A lot of ritualistic practices that played a significant role in the political structure emerged during this age. Practices like rajasuya sacrifice, Ashwamedha yagna, and vajapeya (chariot racing) found their foothold in this time. The Vedic political thought, hence, revolved around these concepts of the supremacy of the king. Power, warfare, and rajneeti became very common in this era. Things looked similar to our ancient mythological stories.
The duties of the king
The early Vedic period and the later Vedic period, both, saw the king as someone who was always supposed to uphold his honour. And a king's honor is following his dharma. The king, being a kshatriya, perpetually needed to work closely with the royal priest, who was a brahmin. A king was supposed to be righteous, unbiased, enthusiastic, disciplined, and thankful. A king must respect women, vouch for peace, should not kill anyone without any reason, and have a great set of ministers to guide him. The forever alert and intellectual king should be free from all the six vices mentioned in the Vedas- kama (lust), krodha (anger), lobha (greed), moha (attachment), madha (pride), and matsarya (jealousy). The knowledge of Vedas is mandatory for a king to rule his kingdom justly. Most of the kings had a rishi educate them in the Vedas and the Vedangas (limbs of Vedas)- the six pillars associated with the knowledge of the Vedas. These include shiksha (phonetics), chandas (prosody), vyakarana (grammar), nirukta (etymology), kalpa (the rituals), and jyotisha (Indian Vedic Astrology).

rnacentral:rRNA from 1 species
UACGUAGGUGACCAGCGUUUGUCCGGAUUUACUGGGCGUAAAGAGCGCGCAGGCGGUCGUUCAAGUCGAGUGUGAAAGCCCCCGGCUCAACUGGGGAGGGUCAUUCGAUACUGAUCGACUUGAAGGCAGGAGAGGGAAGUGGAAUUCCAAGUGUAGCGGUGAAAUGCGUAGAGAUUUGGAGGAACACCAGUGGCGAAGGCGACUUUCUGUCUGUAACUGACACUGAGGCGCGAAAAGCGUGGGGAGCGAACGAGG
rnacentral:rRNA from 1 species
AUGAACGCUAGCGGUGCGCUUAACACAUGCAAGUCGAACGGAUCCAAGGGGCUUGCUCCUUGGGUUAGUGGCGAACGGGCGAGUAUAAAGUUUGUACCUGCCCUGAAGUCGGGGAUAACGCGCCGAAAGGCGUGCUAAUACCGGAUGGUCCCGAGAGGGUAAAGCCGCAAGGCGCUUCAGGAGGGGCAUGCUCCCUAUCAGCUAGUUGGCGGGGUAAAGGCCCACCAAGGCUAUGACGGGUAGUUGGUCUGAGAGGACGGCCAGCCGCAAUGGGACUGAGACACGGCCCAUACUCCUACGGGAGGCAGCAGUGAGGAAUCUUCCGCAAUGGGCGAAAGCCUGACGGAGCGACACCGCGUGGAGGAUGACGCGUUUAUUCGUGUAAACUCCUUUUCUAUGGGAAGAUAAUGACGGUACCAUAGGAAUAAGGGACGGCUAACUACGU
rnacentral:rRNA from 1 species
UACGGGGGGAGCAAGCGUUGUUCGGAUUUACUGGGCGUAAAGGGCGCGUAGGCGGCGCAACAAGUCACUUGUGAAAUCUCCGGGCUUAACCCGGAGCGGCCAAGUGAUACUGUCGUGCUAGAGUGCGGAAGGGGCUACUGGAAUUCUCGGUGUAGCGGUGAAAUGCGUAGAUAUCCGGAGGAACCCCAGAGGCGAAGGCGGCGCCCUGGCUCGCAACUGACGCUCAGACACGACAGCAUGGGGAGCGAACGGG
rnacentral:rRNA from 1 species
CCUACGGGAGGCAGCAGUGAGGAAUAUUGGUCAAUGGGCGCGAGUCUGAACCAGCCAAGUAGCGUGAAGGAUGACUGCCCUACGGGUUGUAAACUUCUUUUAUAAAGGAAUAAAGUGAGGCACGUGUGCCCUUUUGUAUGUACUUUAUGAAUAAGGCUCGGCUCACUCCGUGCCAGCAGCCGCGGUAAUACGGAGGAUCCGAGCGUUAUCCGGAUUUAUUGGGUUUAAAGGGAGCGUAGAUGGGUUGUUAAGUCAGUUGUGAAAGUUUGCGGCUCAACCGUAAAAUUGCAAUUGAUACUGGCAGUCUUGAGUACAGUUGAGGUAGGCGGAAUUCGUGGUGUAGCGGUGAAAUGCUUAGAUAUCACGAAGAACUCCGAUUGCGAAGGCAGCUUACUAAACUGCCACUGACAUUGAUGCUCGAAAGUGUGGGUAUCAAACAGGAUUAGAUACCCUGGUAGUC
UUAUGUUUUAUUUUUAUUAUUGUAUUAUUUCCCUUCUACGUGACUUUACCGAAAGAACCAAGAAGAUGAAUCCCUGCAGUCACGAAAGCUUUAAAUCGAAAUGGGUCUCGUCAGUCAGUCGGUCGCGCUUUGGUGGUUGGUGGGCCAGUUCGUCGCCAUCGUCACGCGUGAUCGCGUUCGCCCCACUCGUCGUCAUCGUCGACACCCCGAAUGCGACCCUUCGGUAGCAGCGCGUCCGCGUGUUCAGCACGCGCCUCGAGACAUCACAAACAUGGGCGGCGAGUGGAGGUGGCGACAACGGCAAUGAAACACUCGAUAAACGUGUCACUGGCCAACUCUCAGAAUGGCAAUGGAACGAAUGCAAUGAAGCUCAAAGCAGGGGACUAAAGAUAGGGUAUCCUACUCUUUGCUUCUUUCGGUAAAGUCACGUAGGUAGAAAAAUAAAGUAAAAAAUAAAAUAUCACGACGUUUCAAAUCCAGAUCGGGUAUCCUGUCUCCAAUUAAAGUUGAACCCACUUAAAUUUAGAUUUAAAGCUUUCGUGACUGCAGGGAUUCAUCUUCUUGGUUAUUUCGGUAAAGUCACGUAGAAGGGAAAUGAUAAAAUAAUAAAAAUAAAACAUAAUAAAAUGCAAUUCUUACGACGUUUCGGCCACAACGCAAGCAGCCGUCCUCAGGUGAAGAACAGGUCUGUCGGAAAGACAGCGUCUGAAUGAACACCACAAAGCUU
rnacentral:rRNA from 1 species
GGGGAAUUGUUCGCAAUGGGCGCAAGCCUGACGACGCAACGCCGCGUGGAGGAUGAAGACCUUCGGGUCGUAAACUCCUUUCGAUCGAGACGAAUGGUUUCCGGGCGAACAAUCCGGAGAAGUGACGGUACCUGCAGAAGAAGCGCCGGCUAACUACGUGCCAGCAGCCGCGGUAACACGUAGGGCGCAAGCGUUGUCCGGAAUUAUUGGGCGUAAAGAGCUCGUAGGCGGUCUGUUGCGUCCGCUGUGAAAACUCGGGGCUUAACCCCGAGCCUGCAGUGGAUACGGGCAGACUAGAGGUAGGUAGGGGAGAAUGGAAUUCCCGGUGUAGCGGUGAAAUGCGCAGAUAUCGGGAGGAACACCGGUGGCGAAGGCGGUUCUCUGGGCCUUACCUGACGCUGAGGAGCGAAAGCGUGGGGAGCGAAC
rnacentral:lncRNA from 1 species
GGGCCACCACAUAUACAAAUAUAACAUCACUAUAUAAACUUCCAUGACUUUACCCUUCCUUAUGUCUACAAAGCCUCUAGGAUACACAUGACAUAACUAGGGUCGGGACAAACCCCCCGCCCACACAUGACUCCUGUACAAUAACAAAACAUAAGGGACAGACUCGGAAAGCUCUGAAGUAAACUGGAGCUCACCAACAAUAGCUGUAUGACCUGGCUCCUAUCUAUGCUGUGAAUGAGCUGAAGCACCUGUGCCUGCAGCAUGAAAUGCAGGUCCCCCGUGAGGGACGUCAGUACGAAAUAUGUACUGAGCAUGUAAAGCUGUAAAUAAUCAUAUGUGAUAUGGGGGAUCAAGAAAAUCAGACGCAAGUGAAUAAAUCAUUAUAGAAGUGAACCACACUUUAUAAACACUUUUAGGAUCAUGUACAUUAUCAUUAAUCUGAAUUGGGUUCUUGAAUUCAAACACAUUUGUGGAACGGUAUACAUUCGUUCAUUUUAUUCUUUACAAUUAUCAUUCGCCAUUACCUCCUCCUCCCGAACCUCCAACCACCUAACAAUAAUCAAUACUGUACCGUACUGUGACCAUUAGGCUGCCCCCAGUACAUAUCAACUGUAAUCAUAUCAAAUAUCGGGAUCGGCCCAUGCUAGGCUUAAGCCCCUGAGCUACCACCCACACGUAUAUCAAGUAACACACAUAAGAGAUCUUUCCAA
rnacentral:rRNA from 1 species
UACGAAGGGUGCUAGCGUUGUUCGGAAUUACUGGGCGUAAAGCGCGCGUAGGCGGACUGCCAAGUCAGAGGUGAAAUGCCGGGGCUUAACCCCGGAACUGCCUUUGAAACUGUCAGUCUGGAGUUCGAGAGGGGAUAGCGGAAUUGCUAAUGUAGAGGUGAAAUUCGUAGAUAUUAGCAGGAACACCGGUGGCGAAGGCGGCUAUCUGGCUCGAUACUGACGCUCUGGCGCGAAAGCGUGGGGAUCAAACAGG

The nature of early Indian political thought revolved around the king. The king was responsible for setting an example for others to emulate. If the king followed his dharma honestly and truthfully, then his subjects will be bound to do the same. The most commonly cited example of this is Ram-Rajya, where the king was an epitome of honesty, justice, truth, and righteousness. A well-known story told in this regard is where King Rama kills Bali. Before dying, Bali questioned the king's dharma and accused him of cheating. To this, the king replied that for a person who broke his dharma, fell a prey to lust and greed, his (Rama's) dharma expects him to give him the punishment of death. A classic example of how powerful Vedic morals were during that time. Every political structure represented the values presented in the Vedas. A king's moral ground had to be tough. Only then was he capable of protecting his people.
For a king, his moral integrity was supposed to be stable even in times of war. No kshatriya was ever allowed to harm a disarmed person. Forgiveness was also a crucial trait for them. Whether or not these values made them lose wars, they had to follow them. Historically, we have seen how Prithviraj Chauhan followed this Vedic approach to politics and released his nemesis only to be defeated by him the following year. His story makes for such a classic Vedic politics example.
The king had a set routine. He used to take the reports of the watchmen, first thing in the morning. He would then listen to the citizen's woes and try to solve them, after which he would take some personal time-off to bathe and eat. Followed by a talk with the ministers and a treasury inspection. He would then hold his sabha. Post the sabha he would take time-off for contemplation, followed by thorough checking of the cavalry and the horses (and elephants, if any). After his night time prayers, his enlisted duty was meeting the spies and planning all other secret activities. These are the activities found in Kautilya's Arthashastra. According to Chanakya, a perfect Vedic king always follows this routine or a similar one.